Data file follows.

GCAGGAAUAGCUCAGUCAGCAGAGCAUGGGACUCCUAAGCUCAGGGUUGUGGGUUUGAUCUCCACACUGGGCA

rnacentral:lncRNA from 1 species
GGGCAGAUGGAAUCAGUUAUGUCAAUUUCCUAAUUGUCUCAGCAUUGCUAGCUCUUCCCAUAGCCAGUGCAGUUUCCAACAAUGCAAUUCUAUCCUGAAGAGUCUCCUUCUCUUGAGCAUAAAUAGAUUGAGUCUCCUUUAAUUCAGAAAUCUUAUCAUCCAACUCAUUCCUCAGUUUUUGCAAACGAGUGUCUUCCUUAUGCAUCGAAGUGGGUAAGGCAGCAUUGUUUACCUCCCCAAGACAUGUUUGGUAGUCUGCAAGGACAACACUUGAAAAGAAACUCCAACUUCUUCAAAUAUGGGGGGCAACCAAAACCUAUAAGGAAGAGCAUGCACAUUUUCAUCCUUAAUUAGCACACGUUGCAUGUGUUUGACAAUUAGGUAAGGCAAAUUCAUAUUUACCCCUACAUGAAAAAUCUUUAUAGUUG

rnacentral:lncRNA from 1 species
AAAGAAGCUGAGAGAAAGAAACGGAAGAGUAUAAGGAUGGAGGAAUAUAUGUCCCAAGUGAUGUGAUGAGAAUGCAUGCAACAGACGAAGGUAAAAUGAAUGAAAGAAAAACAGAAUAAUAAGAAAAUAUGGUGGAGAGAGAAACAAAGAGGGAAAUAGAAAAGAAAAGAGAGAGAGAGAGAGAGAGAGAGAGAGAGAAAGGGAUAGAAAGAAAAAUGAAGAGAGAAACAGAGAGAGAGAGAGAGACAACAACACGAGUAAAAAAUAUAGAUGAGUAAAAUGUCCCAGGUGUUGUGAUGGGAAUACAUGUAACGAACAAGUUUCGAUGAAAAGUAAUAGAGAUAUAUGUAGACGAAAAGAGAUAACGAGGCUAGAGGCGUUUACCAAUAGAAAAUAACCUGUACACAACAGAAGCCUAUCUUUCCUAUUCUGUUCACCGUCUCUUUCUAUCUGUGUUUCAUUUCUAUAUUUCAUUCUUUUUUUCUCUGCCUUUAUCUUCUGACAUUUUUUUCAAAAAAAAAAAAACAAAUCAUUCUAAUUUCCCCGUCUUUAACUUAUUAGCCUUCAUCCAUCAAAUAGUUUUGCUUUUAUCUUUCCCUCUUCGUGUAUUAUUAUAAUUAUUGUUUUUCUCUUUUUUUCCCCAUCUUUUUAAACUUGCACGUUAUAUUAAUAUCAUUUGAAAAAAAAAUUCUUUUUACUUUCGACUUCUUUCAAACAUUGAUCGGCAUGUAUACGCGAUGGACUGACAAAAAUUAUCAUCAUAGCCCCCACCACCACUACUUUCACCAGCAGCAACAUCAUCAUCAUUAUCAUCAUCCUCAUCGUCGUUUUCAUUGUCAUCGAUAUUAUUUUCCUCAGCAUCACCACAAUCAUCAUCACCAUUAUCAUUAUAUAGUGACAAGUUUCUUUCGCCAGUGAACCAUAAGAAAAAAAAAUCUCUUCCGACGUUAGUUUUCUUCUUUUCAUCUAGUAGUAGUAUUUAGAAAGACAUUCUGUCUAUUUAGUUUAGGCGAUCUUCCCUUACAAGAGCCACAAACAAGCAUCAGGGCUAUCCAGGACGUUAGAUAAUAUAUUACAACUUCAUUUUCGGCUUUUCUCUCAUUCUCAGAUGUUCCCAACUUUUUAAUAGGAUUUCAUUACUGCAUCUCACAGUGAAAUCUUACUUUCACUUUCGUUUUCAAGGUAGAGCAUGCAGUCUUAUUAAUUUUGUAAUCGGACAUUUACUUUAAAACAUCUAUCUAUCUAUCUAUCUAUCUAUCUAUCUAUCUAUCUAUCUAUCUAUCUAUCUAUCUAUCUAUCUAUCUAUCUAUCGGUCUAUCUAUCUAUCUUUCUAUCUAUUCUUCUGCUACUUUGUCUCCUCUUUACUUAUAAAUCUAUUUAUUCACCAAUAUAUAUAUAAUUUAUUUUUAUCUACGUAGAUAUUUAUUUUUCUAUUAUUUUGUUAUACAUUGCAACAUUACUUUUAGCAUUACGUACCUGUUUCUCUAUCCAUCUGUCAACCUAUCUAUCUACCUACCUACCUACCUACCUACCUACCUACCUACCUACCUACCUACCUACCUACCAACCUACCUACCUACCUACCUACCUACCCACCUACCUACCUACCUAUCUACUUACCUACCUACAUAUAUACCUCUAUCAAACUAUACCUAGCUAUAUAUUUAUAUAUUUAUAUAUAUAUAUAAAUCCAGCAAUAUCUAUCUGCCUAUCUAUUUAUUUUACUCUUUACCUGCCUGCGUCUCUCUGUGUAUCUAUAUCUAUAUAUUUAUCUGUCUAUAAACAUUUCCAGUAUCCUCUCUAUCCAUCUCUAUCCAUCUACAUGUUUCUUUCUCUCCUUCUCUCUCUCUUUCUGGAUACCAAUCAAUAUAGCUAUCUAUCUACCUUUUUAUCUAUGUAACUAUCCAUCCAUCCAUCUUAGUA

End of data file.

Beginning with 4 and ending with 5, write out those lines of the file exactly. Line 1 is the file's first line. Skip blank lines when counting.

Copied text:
rnacentral:lncRNA from 1 species
AAAGAAGCUGAGAGAAAGAAACGGAAGAGUAUAAGGAUGGAGGAAUAUAUGUCCCAAGUGAUGUGAUGAGAAUGCAUGCAACAGACGAAGGUAAAAUGAAUGAAAGAAAAACAGAAUAAUAAGAAAAUAUGGUGGAGAGAGAAACAAAGAGGGAAAUAGAAAAGAAAAGAGAGAGAGAGAGAGAGAGAGAGAGAGAGAAAGGGAUAGAAAGAAAAAUGAAGAGAGAAACAGAGAGAGAGAGAGAGACAACAACACGAGUAAAAAAUAUAGAUGAGUAAAAUGUCCCAGGUGUUGUGAUGGGAAUACAUGUAACGAACAAGUUUCGAUGAAAAGUAAUAGAGAUAUAUGUAGACGAAAAGAGAUAACGAGGCUAGAGGCGUUUACCAAUAGAAAAUAACCUGUACACAACAGAAGCCUAUCUUUCCUAUUCUGUUCACCGUCUCUUUCUAUCUGUGUUUCAUUUCUAUAUUUCAUUCUUUUUUUCUCUGCCUUUAUCUUCUGACAUUUUUUUCAAAAAAAAAAAAACAAAUCAUUCUAAUUUCCCCGUCUUUAACUUAUUAGCCUUCAUCCAUCAAAUAGUUUUGCUUUUAUCUUUCCCUCUUCGUGUAUUAUUAUAAUUAUUGUUUUUCUCUUUUUUUCCCCAUCUUUUUAAACUUGCACGUUAUAUUAAUAUCAUUUGAAAAAAAAAUUCUUUUUACUUUCGACUUCUUUCAAACAUUGAUCGGCAUGUAUACGCGAUGGACUGACAAAAAUUAUCAUCAUAGCCCCCACCACCACUACUUUCACCAGCAGCAACAUCAUCAUCAUUAUCAUCAUCCUCAUCGUCGUUUUCAUUGUCAUCGAUAUUAUUUUCCUCAGCAUCACCACAAUCAUCAUCACCAUUAUCAUUAUAUAGUGACAAGUUUCUUUCGCCAGUGAACCAUAAGAAAAAAAAAUCUCUUCCGACGUUAGUUUUCUUCUUUUCAUCUAGUAGUAGUAUUUAGAAAGACAUUCUGUCUAUUUAGUUUAGGCGAUCUUCCCUUACAAGAGCCACAAACAAGCAUCAGGGCUAUCCAGGACGUUAGAUAAUAUAUUACAACUUCAUUUUCGGCUUUUCUCUCAUUCUCAGAUGUUCCCAACUUUUUAAUAGGAUUUCAUUACUGCAUCUCACAGUGAAAUCUUACUUUCACUUUCGUUUUCAAGGUAGAGCAUGCAGUCUUAUUAAUUUUGUAAUCGGACAUUUACUUUAAAACAUCUAUCUAUCUAUCUAUCUAUCUAUCUAUCUAUCUAUCUAUCUAUCUAUCUAUCUAUCUAUCUAUCUAUCUAUCUAUCGGUCUAUCUAUCUAUCUUUCUAUCUAUUCUUCUGCUACUUUGUCUCCUCUUUACUUAUAAAUCUAUUUAUUCACCAAUAUAUAUAUAAUUUAUUUUUAUCUACGUAGAUAUUUAUUUUUCUAUUAUUUUGUUAUACAUUGCAACAUUACUUUUAGCAUUACGUACCUGUUUCUCUAUCCAUCUGUCAACCUAUCUAUCUACCUACCUACCUACCUACCUACCUACCUACCUACCUACCUACCUACCUACCUACCAACCUACCUACCUACCUACCUACCUACCCACCUACCUACCUACCUAUCUACUUACCUACCUACAUAUAUACCUCUAUCAAACUAUACCUAGCUAUAUAUUUAUAUAUUUAUAUAUAUAUAUAAAUCCAGCAAUAUCUAUCUGCCUAUCUAUUUAUUUUACUCUUUACCUGCCUGCGUCUCUCUGUGUAUCUAUAUCUAUAUAUUUAUCUGUCUAUAAACAUUUCCAGUAUCCUCUCUAUCCAUCUCUAUCCAUCUACAUGUUUCUUUCUCUCCUUCUCUCUCUCUUUCUGGAUACCAAUCAAUAUAGCUAUCUAUCUACCUUUUUAUCUAUGUAACUAUCCAUCCAUCCAUCUUAGUA